Rescue workers found the body of a fifth person in the rubble of a 12-story condominium that partially collapsed Thursday, the mayor of Miami-Dade County in the southeastern U.S. state of Florida said Saturday.
The number of people who are unaccounted for is now 156, Mayor Daniella Levine Cava said, adding that other human remains were also found.
“Our top priority continues to be search and rescue and saving any lives that we can,” she said as workers continue to use rescue dogs and sonar to find survivors.
Earlier Saturday, Cava said a fire deep in the rubble was hampering efforts to find and rescue people.
“We’re facing very incredible difficulties with this fire. It’s a very deep fire,” she told reporters. “It’s extremely difficult to locate the source of the fire.”
Cava said rescue workers are using water, foam and infrared technology to extinguish the fire and that its source had not been determined.
The mayor of Surfside, the town in which the building is located, said Saturday he was working to temporarily relocate residents of a nearby condominium building that is nearly identical to the building that collapsed.
Surfside Mayor Charles Burkett also said he was trying to arrange an emergency inspection of the twin building, which also was constructed in 1981 by the same developer as the crumbled building.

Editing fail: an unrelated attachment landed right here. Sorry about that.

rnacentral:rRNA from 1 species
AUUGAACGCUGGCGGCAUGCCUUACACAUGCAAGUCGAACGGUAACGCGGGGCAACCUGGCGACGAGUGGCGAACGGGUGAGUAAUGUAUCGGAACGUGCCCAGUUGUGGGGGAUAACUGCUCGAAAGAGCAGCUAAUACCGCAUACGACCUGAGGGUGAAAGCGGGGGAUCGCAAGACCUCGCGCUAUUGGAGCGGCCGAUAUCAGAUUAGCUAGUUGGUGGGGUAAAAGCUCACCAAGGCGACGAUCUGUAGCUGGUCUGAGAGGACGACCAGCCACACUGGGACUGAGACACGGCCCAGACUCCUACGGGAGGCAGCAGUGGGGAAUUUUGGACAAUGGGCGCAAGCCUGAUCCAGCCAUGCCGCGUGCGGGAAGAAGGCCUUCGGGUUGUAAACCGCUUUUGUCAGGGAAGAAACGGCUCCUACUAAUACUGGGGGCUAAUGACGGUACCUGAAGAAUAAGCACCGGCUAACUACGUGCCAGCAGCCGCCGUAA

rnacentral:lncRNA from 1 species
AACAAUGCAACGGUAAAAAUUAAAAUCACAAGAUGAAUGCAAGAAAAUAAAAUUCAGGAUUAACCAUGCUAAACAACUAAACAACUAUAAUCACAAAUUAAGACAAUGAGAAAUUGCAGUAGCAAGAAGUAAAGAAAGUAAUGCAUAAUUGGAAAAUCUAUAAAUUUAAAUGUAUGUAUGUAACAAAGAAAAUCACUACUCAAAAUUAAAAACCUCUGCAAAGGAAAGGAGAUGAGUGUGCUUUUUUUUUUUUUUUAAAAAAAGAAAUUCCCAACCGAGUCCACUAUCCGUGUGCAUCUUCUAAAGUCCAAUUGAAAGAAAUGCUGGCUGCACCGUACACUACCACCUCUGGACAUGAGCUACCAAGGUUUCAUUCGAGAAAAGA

The New York Times reported earlier Saturday that a 3-year-old engineer’s report on the partially collapsed building said it had “major structural damage” on the concrete slab below the pool deck.
In addition, the engineer observed “abundant” cracking and crumbling in the walls, beams and columns of the parking garage located under the building, according to the newspaper.
The report, the Times said, was the basis for “a multimillion-dollar repair project that was set to get underway soon.”
The newspaper said municipal officials released the engineer’s report late Friday.
The 2018 report did not give any evidence that the building was about to collapse but it did say “most of the concrete deterioration needs to be repaired in a timely fashion.”
The Washington Post, citing a study conducted last year, reported the building was constructed on reclaimed wetlands on the barrier island that makes up the Miami Beach area and has been gradually sinking since the 1990s.
It is unclear if those factors contributed to the incident.
Rescue workers used heavy equipment Friday to search for survivors in the rubble of the collapsed building after officials said four people were confirmed dead and 159 people remain missing.
The rescuers in the Miami suburb of Surfside used cranes as well as their own hands to dig through debris.
Officials from the city of Miami and surrounding Dade County held a news briefing earlier Friday at the scene, just north of Miami.
Miami-Dade Fire Rescue Assistant Chief Raide Jadallah said the entire building had been cleared and checked so rescue operations can focus on the rubble. He said 130 firefighters are working at the site.
Miami-Dade Police Director Freddy Ramirez said his office is working with the local medical examiner’s office to identify victims.
U.S. President Joe Biden has approved an emergency declaration for the site, which will allow the Federal Emergency Management Agency to coordinate relief efforts and supply additional funds.
“My heart is with the community of Surfside as they grieve their lost loved ones and wait anxiously as search and rescue efforts continue,” Biden tweeted.
The president spoke with Florida Gov. Ron DeSantis on Friday and said the federal government stands ready to provide additional resources if needed.
The Associated Press and the Reuters news service contributed to this report.